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JavaScript Object-Oriented JavaScript Working with Classes in JavaScript Adding methods to classes

How do I convert the Gpa value to string anybody?

How do I convert a numerical value to a string value in Javascript and then return it?

adding_methods.js
class Student {
    constructor(gpa){
        this.gpa = gpa;
    }
  stringGPA(gpa)
{
  return gpa.toString;
}

}
const student = new Student(3.9);

2 Answers

Andreas Nyström
Andreas Nyström
8,879 Points

The easiest way to create a string is to add an empty string to it.

  stringGPA(){
    // will return the gpa as a string.
    return this.gpa + "";
  }

Could also mention to make a number out of a string, (the string has to hold a number, but as a string variable), the easiest way is probably to divide it or multiply it by 1

let stringNum = "22"
// will console.log 22 as a number.
console.log(stringNum / 1)
Tim Knight
Tim Knight
28,863 Points

These certainly work Andreas but often just using toString() can be clearer for other developers looking at your code. To then convert to a number from a string you have parseInt(), number(), and parseFloat() which can all address versions of this feature without having to do equation tricks.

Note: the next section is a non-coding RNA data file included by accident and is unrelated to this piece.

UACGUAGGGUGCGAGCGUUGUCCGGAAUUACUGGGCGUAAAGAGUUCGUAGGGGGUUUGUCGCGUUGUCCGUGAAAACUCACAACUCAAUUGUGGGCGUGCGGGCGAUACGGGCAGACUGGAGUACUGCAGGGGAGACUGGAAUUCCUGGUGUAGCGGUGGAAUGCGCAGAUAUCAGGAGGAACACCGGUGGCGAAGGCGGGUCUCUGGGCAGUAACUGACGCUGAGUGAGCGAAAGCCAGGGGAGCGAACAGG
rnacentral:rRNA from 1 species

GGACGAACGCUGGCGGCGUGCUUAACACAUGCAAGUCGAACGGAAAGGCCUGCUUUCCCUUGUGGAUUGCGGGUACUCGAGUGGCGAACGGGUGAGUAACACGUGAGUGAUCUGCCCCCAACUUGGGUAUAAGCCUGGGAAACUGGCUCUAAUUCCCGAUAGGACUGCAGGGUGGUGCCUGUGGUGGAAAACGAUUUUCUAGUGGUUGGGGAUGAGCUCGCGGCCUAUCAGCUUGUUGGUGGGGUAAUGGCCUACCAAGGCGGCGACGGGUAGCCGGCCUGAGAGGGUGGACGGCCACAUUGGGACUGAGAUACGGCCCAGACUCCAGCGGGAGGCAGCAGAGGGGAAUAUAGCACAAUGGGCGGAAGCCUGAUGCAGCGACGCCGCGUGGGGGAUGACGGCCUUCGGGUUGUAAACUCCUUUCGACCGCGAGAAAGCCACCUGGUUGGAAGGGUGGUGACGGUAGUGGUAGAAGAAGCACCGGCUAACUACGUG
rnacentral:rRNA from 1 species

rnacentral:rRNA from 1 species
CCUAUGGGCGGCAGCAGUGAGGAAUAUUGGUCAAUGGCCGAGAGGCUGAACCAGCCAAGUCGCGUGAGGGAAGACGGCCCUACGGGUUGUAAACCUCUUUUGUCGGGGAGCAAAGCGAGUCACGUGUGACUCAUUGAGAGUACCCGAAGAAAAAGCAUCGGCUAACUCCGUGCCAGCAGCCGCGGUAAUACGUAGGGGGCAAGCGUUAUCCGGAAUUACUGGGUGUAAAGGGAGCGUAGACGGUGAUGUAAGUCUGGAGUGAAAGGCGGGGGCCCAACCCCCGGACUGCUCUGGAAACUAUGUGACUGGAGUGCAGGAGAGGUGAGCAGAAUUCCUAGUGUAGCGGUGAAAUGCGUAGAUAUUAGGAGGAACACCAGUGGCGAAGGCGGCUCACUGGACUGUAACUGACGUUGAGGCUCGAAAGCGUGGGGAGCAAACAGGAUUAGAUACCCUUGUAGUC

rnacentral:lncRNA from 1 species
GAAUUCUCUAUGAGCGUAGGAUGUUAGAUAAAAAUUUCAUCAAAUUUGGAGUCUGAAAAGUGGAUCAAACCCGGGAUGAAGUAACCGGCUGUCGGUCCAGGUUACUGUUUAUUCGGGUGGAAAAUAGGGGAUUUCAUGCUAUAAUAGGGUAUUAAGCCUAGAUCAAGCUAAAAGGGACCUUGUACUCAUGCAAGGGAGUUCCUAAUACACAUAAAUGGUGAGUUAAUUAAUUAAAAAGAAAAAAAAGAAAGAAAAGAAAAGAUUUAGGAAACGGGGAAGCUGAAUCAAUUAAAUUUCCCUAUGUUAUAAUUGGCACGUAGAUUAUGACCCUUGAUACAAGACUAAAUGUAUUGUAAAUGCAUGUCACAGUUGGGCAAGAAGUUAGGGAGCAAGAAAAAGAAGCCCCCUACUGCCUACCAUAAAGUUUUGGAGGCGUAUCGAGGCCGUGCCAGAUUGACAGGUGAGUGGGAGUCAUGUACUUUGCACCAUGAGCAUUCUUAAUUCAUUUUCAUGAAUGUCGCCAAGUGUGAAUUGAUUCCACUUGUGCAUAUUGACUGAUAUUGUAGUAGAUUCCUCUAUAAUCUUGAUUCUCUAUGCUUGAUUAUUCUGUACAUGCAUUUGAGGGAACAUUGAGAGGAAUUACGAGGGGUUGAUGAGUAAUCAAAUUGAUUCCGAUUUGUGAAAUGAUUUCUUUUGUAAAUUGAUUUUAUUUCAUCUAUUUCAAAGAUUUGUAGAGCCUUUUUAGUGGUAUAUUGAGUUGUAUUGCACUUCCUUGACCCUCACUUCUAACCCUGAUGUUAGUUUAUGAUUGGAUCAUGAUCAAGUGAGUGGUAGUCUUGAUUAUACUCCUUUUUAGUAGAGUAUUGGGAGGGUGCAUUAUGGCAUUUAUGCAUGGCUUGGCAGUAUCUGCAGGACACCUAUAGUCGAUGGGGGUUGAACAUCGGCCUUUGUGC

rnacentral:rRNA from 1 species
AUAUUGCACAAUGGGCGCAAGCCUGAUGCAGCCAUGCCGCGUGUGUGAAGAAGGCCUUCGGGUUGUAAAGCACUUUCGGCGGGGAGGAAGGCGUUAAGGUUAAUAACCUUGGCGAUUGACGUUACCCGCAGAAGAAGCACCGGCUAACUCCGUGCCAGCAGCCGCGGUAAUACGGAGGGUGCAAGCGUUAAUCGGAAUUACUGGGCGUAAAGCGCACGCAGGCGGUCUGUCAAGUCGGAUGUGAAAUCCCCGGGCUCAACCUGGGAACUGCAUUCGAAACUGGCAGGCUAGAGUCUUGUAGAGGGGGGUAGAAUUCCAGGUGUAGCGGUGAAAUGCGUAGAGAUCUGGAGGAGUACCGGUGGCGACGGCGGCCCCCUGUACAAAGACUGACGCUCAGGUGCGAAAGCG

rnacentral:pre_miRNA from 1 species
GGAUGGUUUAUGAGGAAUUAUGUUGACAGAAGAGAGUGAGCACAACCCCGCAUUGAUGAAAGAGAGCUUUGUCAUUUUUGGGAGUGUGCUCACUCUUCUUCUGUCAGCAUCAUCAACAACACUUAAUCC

Andreas Nyström
Andreas Nyström
8,879 Points

Tim Knight I've yet to see someone who prefers to use these methods over the one I mentioned. But I'm glad we're different. Let me try to explain why I prefer these methods so people get both versions.

toString() does exactly + "", but doesn't work on numbers directly. https://developer.mozilla.org/en-US/docs/Web/JavaScript/Reference/Global_Objects/Object/toString

const num = 11
// Works
num.toString()
// Doesn't work.
11.toString() 
// Basically does the same thing, except float allows decimals. Still * 1 || / 1 is faster and shorter.
parseInt(),  parseFloat(), Number()
// Note that these takes an argument like Number('11') === 11
// While toString() is called upon an object. object.toString()
Tim Knight
Tim Knight
28,863 Points

Hi Fabian,

You're on the right track with the use of toString(), however remember it's a function and needs () at the end. Additionally, since you're passing in the GPA when you initialize the class there's really no reason to pass it in again, you can just reference the GPA value from the class (which is this). Try modifying your class to look something like this.

class Student {
  constructor(gpa){
    this.gpa = gpa;
  }
  stringGPA() {
    return this.gpa.toString();
  }
}

const student = new Student(3.9);
console.log(student.stringGPA());

Now calling the stringGPA() function on the instance of your class will return the value of the GPA as a string.